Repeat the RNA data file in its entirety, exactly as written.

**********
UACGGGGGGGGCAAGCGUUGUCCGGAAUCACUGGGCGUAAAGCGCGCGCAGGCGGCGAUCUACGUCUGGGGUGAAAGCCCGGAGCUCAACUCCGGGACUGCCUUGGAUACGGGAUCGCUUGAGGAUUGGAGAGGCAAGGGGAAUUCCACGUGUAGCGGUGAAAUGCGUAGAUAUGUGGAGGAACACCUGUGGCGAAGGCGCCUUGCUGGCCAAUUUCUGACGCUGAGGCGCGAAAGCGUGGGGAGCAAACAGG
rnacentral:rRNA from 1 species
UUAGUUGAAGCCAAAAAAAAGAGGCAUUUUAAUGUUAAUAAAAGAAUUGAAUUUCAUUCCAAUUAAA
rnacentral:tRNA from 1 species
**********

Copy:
UACGGGGGGGGCAAGCGUUGUCCGGAAUCACUGGGCGUAAAGCGCGCGCAGGCGGCGAUCUACGUCUGGGGUGAAAGCCCGGAGCUCAACUCCGGGACUGCCUUGGAUACGGGAUCGCUUGAGGAUUGGAGAGGCAAGGGGAAUUCCACGUGUAGCGGUGAAAUGCGUAGAUAUGUGGAGGAACACCUGUGGCGAAGGCGCCUUGCUGGCCAAUUUCUGACGCUGAGGCGCGAAAGCGUGGGGAGCAAACAGG
rnacentral:rRNA from 1 species
UUAGUUGAAGCCAAAAAAAAGAGGCAUUUUAAUGUUAAUAAAAGAAUUGAAUUUCAUUCCAAUUAAA
rnacentral:tRNA from 1 species